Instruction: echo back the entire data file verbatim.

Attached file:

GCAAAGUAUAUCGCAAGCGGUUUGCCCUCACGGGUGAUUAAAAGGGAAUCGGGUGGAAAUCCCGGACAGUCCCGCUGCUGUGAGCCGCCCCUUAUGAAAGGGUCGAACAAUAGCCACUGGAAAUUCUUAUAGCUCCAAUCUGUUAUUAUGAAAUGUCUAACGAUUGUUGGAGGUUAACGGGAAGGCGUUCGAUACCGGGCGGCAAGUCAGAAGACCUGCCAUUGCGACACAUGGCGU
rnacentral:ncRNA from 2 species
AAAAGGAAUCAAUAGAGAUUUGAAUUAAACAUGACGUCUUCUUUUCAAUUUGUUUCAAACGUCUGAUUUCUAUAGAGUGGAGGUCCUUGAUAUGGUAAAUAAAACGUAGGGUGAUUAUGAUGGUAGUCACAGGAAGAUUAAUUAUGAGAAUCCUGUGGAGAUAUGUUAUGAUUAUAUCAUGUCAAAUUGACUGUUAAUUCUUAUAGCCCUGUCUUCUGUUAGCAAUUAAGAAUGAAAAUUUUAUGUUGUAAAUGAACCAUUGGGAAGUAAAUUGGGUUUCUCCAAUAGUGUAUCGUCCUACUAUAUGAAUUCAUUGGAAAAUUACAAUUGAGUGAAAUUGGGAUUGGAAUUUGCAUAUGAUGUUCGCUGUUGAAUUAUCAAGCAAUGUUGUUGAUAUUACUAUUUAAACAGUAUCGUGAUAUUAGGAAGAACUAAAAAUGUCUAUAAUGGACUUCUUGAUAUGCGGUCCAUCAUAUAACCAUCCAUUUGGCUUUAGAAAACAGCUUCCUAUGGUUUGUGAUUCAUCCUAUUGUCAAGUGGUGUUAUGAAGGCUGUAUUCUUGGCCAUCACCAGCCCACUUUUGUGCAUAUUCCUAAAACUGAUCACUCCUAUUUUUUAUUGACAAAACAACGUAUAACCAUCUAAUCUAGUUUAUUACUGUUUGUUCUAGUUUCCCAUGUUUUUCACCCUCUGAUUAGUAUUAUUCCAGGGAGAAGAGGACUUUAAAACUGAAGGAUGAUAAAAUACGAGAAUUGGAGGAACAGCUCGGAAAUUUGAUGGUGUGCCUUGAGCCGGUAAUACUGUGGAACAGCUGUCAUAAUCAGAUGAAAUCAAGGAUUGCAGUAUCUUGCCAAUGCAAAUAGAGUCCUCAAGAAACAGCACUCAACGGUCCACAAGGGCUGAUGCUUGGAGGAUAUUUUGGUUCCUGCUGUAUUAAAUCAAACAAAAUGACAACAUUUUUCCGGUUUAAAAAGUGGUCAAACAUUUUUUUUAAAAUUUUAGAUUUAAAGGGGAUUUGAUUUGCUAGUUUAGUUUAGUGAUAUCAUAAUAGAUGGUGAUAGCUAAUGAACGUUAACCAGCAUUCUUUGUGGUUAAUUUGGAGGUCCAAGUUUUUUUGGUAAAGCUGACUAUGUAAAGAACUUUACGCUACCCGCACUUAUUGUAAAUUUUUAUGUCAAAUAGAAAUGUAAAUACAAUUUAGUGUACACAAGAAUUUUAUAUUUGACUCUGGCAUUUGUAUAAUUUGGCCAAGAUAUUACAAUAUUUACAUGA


GCAAAGUAUAUCGCAAGCGGUUUGCCCUCACGGGUGAUUAAAAGGGAAUCGGGUGGAAAUCCCGGACAGUCCCGCUGCUGUGAGCCGCCCCUUAUGAAAGGGUCGAACAAUAGCCACUGGAAAUUCUUAUAGCUCCAAUCUGUUAUUAUGAAAUGUCUAACGAUUGUUGGAGGUUAACGGGAAGGCGUUCGAUACCGGGCGGCAAGUCAGAAGACCUGCCAUUGCGACACAUGGCGU
rnacentral:ncRNA from 2 species
AAAAGGAAUCAAUAGAGAUUUGAAUUAAACAUGACGUCUUCUUUUCAAUUUGUUUCAAACGUCUGAUUUCUAUAGAGUGGAGGUCCUUGAUAUGGUAAAUAAAACGUAGGGUGAUUAUGAUGGUAGUCACAGGAAGAUUAAUUAUGAGAAUCCUGUGGAGAUAUGUUAUGAUUAUAUCAUGUCAAAUUGACUGUUAAUUCUUAUAGCCCUGUCUUCUGUUAGCAAUUAAGAAUGAAAAUUUUAUGUUGUAAAUGAACCAUUGGGAAGUAAAUUGGGUUUCUCCAAUAGUGUAUCGUCCUACUAUAUGAAUUCAUUGGAAAAUUACAAUUGAGUGAAAUUGGGAUUGGAAUUUGCAUAUGAUGUUCGCUGUUGAAUUAUCAAGCAAUGUUGUUGAUAUUACUAUUUAAACAGUAUCGUGAUAUUAGGAAGAACUAAAAAUGUCUAUAAUGGACUUCUUGAUAUGCGGUCCAUCAUAUAACCAUCCAUUUGGCUUUAGAAAACAGCUUCCUAUGGUUUGUGAUUCAUCCUAUUGUCAAGUGGUGUUAUGAAGGCUGUAUUCUUGGCCAUCACCAGCCCACUUUUGUGCAUAUUCCUAAAACUGAUCACUCCUAUUUUUUAUUGACAAAACAACGUAUAACCAUCUAAUCUAGUUUAUUACUGUUUGUUCUAGUUUCCCAUGUUUUUCACCCUCUGAUUAGUAUUAUUCCAGGGAGAAGAGGACUUUAAAACUGAAGGAUGAUAAAAUACGAGAAUUGGAGGAACAGCUCGGAAAUUUGAUGGUGUGCCUUGAGCCGGUAAUACUGUGGAACAGCUGUCAUAAUCAGAUGAAAUCAAGGAUUGCAGUAUCUUGCCAAUGCAAAUAGAGUCCUCAAGAAACAGCACUCAACGGUCCACAAGGGCUGAUGCUUGGAGGAUAUUUUGGUUCCUGCUGUAUUAAAUCAAACAAAAUGACAACAUUUUUCCGGUUUAAAAAGUGGUCAAACAUUUUUUUUAAAAUUUUAGAUUUAAAGGGGAUUUGAUUUGCUAGUUUAGUUUAGUGAUAUCAUAAUAGAUGGUGAUAGCUAAUGAACGUUAACCAGCAUUCUUUGUGGUUAAUUUGGAGGUCCAAGUUUUUUUGGUAAAGCUGACUAUGUAAAGAACUUUACGCUACCCGCACUUAUUGUAAAUUUUUAUGUCAAAUAGAAAUGUAAAUACAAUUUAGUGUACACAAGAAUUUUAUAUUUGACUCUGGCAUUUGUAUAAUUUGGCCAAGAUAUUACAAUAUUUACAUGA